3. Vox Day is just as dishonest about libertarianISM as you are, LK. Under AnCap, or a private property society, people can refuse to allow “Immigrants” or minorities onto their property. It is the statists who make this a crime. Under social democracy, if immigrants or unpleasant minorities move in and take over the neighborhood and the schools, middle class folk move from 8 Mile to 28 Mile leaving behind what was formerly a nice neighborhood. This could not happen in a PPS. A private property society would not have a single visitor who had not been vetted for whatever qualities the owners of the community prefer. It would be possible to forbid druggies, drugs, thugs and guns. Or trannies. Or Trump supporters. Or foreigners. Or evangelicals. Or people who are not evangelicals. Or people who hate guns. Or non-Ukrainians. No drug war, no black markets, no crummy schools, no one allowed to walk around at all without permission.

    If Germany were a PPS, where might all these new swarms of immigrants even step foot without the permission of the owners of the roads? Where would they live without trespassing? Why would they even be coming at all if there hadn’t been a social-democratic Keynesian funny money Wilsonian warmongering USA to disrupt their homeland?
    The fact that so many libertarIANS cannot handle the fact that the central core of libertarianISM is private discrimination says a lot about them and nothing about libertarianISM.

    1. (1) "Under AnCap, or a private property society, people can refuse to allow “Immigrants” or minorities onto their property. ...

      That paragraph is just an admission that anarcho-capitalism would destroy the ethnic and social cohesion of the United States, and reduce it to segregated and mutually hostile communities.

      Outside your segregated, militarised, fortress neighbourhood you would have a Third World nightmare of crime, drug cartels, violence, social collapse, intercommunal violence, or even civil war.

      You have not addressed the issue of how anarcho-capitalism would impose a totally privatised and decentralised immigration system, where in theory millions of people or private institutions (especially corporations) could invite in a tidal wave of mass immigration from the Third world onto their properties, causing social fragmentation and collapse.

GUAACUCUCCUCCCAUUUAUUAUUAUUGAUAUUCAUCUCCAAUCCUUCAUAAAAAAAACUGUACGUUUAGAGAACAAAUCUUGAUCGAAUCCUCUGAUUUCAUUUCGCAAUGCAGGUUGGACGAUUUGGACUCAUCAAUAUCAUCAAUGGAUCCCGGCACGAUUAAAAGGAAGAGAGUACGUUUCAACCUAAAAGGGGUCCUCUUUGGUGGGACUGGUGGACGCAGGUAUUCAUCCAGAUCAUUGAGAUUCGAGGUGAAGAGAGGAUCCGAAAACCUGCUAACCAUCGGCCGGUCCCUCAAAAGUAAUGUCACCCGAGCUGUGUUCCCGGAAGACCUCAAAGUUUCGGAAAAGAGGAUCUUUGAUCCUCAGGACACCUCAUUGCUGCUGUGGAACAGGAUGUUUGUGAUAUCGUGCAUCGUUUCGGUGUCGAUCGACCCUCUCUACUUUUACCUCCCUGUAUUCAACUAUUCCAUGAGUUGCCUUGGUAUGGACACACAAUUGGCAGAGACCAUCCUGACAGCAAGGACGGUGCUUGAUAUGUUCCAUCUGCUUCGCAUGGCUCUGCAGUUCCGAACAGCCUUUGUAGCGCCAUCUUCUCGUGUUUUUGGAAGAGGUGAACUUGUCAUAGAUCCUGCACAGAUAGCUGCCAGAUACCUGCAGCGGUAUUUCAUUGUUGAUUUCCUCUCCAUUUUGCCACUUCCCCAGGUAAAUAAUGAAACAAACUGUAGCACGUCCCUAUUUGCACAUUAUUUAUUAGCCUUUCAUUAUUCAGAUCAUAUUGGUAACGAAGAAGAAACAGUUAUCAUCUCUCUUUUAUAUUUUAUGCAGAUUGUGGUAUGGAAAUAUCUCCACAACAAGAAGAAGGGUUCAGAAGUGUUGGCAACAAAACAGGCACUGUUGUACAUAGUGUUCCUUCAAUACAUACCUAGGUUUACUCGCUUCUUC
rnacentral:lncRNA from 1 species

You have not addressed the issue of how the Saudis or Chinese could buy up vast tracts of America and bring in millions of hostile people, and turn those areas onto huge dangerous areas of Muslim sharia law, or colonies of China.

    2. (2)"If Germany were a PPS, where might all these new swarms of immigrants even step foot without the permission of the owners of the roads?... etc."

      In numerous places, you dumb bastard.

      Lots of people would be happy to admit migrants, refugees or low-wage Third World labour, e.g.:

      (1) corporations
      (2) multiculturalists and Cultural leftists
      (3) Christian pro-refugee movements
      (4) hostile, wealthy foreigners or foreign governments who could easily buy up vast tracts of land or property in Germany and import millions of their own people.

      In short, without a sensible government monopoly on border control and immigration policy, your nation is f*cked.

    3. 'If Germany were a PPS society..'

      Look at Saudi Arabia for your answers. Where wealth is concentrated in a society and the individual is preferenced over the community, the community typically becomes less homogeneous because foreigners will serve property owners for less than locals.

      The result is racially mixed and stratified dystopian societies like Saudi, Brazil and South Africa.

      Screw that for a joke. If I have to sacrifice some of my 'personal liberty' to avoid that horror show, so be it.